WP7 Tutorial : 04 - Know more about PhoneApplicationPage

Sep 13, 2012 Posted by Lara Kannan 0 comments

In our last post of the series, we learned about the base class "Page" and Here in this post we will learn about "PhoneApplicationPage" which is root of any Windows Phone 7 page.

Before jumping to the core in depth, a beginner must know all these things. As I am also exploring these for the first time, sharing the same knowledge with you.

I hope that, these series of posts will be helpful to a beginner. If you want to know more about PhoneApplicationPage class, read this post to learn about it.

What is PhoneApplicationPage?

PhoneApplicationPage is the root of any Windows Phone 7 XAML page. If you already worked on Silverlight, you must be aware of that by default "UserControl" is the root of any Silverlight XAML page. Similarly, Phone 7 XAML has the root named "PhoneApplicationPage".

As we described in our last post, every PhoneApplicationPage derives from "Page" which again derives from "UserControl". Hence, it is also nothing but a UserControl which has some additional features for Phone 7 application.

    SupportedOrientations="Portrait" Orientation="Portrait" shell:SystemTray.IsVisible="True">

PhoneApplicationPage derives from Page class and can be found in Microsoft.Phone.Controls namespace. It has three Dependency Properties called "SupportedOrientations", "Orientation" and "ApplicationBar".

Have a look into the class meta data here:

namespace Microsoft.Phone.Controls
    public class PhoneApplicationPage : Page
        public static readonly DependencyProperty SupportedOrientationsProperty;
        public static readonly DependencyProperty OrientationProperty;
        public static readonly DependencyProperty ApplicationBarProperty;
        public PhoneApplicationPage();
        public SupportedPageOrientation SupportedOrientations { get; set; }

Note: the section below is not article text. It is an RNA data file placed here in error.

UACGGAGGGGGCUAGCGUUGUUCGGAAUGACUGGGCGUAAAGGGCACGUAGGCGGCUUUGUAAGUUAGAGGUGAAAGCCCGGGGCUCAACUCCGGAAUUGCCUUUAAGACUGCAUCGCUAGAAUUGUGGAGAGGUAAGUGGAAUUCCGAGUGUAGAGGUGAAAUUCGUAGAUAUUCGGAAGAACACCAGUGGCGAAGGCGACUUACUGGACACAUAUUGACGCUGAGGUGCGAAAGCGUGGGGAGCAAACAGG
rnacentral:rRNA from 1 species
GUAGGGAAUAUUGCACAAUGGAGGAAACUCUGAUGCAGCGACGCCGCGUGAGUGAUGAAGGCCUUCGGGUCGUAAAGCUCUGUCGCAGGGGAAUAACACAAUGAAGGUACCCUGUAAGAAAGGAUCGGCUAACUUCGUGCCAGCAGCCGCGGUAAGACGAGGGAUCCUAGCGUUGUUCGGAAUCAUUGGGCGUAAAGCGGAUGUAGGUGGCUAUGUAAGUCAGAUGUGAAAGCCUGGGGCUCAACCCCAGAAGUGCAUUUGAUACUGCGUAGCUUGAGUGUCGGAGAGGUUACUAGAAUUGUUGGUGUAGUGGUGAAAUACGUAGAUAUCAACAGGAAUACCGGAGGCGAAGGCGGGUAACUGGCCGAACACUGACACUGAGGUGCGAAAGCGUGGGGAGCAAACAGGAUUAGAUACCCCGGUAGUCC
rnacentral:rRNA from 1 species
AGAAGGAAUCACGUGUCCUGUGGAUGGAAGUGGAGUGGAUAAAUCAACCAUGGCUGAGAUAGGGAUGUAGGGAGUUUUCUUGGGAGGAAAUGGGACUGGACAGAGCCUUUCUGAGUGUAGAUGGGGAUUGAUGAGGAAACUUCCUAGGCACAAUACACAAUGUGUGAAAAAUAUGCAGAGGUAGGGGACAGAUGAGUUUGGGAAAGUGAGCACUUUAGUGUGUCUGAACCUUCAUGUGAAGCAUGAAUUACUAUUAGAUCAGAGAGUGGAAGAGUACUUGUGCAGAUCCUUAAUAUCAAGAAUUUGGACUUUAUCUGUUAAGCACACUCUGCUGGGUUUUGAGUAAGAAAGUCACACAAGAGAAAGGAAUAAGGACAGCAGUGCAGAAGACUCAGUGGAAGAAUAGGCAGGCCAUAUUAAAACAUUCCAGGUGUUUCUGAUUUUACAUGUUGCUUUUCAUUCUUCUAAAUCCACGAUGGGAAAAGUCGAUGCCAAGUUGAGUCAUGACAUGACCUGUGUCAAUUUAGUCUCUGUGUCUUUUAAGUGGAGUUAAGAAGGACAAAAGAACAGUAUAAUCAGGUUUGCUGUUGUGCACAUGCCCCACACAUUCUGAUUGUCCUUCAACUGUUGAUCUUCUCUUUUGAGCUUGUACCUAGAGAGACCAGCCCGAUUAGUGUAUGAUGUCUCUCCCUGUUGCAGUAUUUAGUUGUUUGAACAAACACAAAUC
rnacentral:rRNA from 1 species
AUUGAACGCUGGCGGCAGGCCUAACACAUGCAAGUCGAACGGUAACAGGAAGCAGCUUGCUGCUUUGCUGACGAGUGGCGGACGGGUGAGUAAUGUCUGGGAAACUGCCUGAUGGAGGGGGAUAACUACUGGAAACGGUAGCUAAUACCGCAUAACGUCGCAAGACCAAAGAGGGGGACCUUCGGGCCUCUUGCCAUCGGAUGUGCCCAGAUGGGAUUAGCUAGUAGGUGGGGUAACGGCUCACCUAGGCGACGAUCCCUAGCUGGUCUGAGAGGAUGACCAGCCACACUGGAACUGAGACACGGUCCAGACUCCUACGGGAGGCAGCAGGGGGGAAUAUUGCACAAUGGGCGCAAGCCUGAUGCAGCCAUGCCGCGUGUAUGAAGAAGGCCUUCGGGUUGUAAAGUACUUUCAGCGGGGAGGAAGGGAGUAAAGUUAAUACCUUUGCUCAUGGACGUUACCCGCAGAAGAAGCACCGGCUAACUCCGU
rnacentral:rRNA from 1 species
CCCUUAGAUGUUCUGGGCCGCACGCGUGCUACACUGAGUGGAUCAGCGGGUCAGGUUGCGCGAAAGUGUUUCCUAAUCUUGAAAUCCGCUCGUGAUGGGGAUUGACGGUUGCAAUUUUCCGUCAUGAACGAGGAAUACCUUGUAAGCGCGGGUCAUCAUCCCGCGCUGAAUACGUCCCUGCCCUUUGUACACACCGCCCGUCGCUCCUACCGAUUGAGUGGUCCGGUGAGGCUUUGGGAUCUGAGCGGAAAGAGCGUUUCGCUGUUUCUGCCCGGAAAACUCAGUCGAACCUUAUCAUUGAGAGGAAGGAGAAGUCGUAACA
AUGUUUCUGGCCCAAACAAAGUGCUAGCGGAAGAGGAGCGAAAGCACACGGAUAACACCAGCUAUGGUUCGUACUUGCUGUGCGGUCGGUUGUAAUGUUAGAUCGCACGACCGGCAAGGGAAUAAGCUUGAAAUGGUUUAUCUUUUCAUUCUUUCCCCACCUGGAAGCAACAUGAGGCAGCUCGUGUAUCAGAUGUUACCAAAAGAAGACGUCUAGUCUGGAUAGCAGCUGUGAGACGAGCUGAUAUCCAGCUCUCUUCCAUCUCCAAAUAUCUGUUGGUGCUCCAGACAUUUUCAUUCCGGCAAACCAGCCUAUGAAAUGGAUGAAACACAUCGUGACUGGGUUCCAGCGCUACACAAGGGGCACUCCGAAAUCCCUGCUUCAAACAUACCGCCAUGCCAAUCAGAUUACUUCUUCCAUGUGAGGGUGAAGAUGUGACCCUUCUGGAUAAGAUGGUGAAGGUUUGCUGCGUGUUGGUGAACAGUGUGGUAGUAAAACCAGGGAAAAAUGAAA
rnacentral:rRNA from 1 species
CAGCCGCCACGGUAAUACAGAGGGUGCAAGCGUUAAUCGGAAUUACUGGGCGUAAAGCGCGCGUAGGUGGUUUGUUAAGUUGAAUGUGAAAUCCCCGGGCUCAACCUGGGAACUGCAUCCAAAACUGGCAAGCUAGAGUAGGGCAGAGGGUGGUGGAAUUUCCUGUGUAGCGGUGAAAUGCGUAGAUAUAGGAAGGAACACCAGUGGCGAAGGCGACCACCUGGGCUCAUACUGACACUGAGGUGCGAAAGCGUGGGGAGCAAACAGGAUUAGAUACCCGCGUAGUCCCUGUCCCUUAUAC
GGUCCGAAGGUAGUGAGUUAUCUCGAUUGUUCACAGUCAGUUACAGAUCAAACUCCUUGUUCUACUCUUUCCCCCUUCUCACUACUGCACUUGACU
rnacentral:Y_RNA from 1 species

public PageOrientation Orientation { get; [EditorBrowsable(EditorBrowsableState.Never)]
        set; }
        public IApplicationBar ApplicationBar { get; set; }
        public IDictionary<string, object> State { get; }
        protected virtual void OnOrientationChanged(OrientationChangedEventArgs e);
        protected virtual void OnBackKeyPress(CancelEventArgs e);
        protected virtual void OnRemovedFromJournal(JournalEntryRemovedEventArgs e);
        public event EventHandler<OrientationChangedEventArgs> BeginLayoutChanged;
        public event EventHandler<OrientationChangedEventArgs> OrientationChanged;
        public event EventHandler<CancelEventArgs> BackKeyPress;

Let's discuss about the three properties available in PhoneApplicationPage.

What is SupportedPageOrientation?

SupportedPageOrientations is a Dependency Property of enum type SupportedPageOrientation, present in the Microsoft.Phone.Controls namespace and contains three enum values called "Portrait", "Landscape" and "PortraitOrLandscape".

It defines the property value to define the orientation supported by the application. If you define Portrait orientation your application will support only Portrait view, if declared as Landscape your application will support both left and right landscape view. The third property value defines that your application will support both Portrait and Landscape views.

namespace Microsoft.Phone.Controls
    public enum SupportedPageOrientation
        Portrait = 1,
        Landscape = 2,
        PortraitOrLandscape = 3,

What is PageOrientation?

PageOrientation is also a dependency property present in the Microsoft.Phone.Controls namespace. It defines the possible orientation of a Windows Phone 7 page.

namespace Microsoft.Phone.Controls
    public enum PageOrientation
        None = 0,
        Portrait = 1,
        Landscape = 2,
        PortraitUp = 5,
        PortraitDown = 9,
        LandscapeLeft = 18,
        LandscapeRight = 34,

From the meta data of the PageOrientation enum, you can easily understand about the property values. Use Portrait or Landscape property value to check the orientation of your application. According to the MSDN Documentation, if you want to check LandscapeLeft or LandscapeRight for Landscape orientation, check both of them and never check only left or right.

What is ApplicationBar?

This is a dependency property of type IApplicationBar which derives by the ApplicationBar class. It allows developers to create and display an application bar with 1-4 buttons and a set of text menu items for your Windows Phone application. IApplicationBar interface is part of Microsoft.Phone.Shell namespace and defines few properties as mentioned below: